Currently Enrolling Trials
Rethymic (Allogeneic processed thymus tissue–agdc) is composed of human allogeneic (donor-derived) thymus tissue that is processed and cultured, and then implanted into patients to help reconstitute immunity (improve immune function) in patients who are athymic. Congenital athymia is a rare immune disorder in which a child is born without a thymus.
Rethymic is specifically indicated for immune reconstitution in pediatric patients with congenital athymia.
Rethymic is administered by a surgical procedure. The dosage is determined by the total surface area of the Rethymic slices and recipient body surface area (BSA). A Rethymic slice is defined as the contents on a single filter membrane; the Rethymic slices are variable in size and shape. The recommended dose range is 5,000 to 22,000 mm2 of Rethymic surface area/m2 recipient BSA. The manufacturer calculates the dose in advance for the specific patient; the amount of product provided is adjusted at the manufacturing facility to ensure the maximum dose for the patient cannot be exceeded. Up to 42 cultured Rethymic slices will be provided for each patient. At the time of surgery, the manufacturing personnel communicate to the surgical team the portion of the product that represents the minimum dose. Patients with evidence of maternal engraftment or an elevated response to phytohemagglutinin (PHA) should receive Rethymic with immunosuppressive medications.
Mechanism of Action
Rethymic is intended to reconstitute immunity in patients who are athymic. The proposed mechanism of action involves the migration of recipient T cell progenitors from the bone marrow to the implanted Rethymic slices, where they develop into naïve immunocompetent recipient T cells. Evidence of thymic function can be observed with the development of naïve T cells in the peripheral blood; this is unlikely to be observed prior to 6-12 months after treatment with Rethymic.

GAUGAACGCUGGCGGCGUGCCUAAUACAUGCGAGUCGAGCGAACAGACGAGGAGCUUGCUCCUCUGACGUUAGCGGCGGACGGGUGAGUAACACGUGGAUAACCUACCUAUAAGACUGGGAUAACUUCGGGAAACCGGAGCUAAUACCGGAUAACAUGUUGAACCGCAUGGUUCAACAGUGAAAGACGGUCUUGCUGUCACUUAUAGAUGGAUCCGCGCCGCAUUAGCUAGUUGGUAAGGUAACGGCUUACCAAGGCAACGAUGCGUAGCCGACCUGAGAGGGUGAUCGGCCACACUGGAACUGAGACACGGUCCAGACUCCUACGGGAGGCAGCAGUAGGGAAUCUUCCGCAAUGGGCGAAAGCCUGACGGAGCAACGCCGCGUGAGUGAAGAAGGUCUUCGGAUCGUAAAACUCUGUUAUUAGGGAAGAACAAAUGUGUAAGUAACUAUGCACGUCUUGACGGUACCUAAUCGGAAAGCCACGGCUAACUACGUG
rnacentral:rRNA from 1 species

Adverse effects associated with the use of Rethymic may include, but are not limited to, the following:
- hypertension (high blood pressure)
- cytokine release syndrome
- hypomagnesemia (low magnesium)
- renal impairment / failure (decrease of kidney function)
- thrombocytopenia (low platelets)
- graft versus host disease
Clinical Trial Results
FDA approval was based on ten prospective single-arm, open-label studies with patient enrollment from 1993 to 2020 form the basis of the RETHYMIC data set. One hundred and five patients were surgically implanted with RETHYMIC under one of 10 Institutional Review Board (IRB)-approved protocols. Ninety-five patients were included in the Efficacy Analysis Set (EAS) and 105 patients were included in the Safety Analysis Set. Survival rates were analyzed with the longest follow-up period of 25.5 years. In the EAS, Kaplan-Meier estimated survival rates were 77% at oneyear and 76% at two years. For patients who were alive at one year post implantation, the Kaplan-Meier estimated long-term survival rate was 94% at a median follow-up time of 10.7 years. For the patients in the clinical trials, naïve T-cell levels were measured using flow cytometry atsix, 12, and 24 months after implantation with RETHYMIC. Patients in the clinical trials started out with very few naïve T cells but naïve CD4+and CD8+T cells began to reconstitute over the first year, with a durable increase through year two. Reductions in the number of infections over time during the first two years after treatment were statistically significant.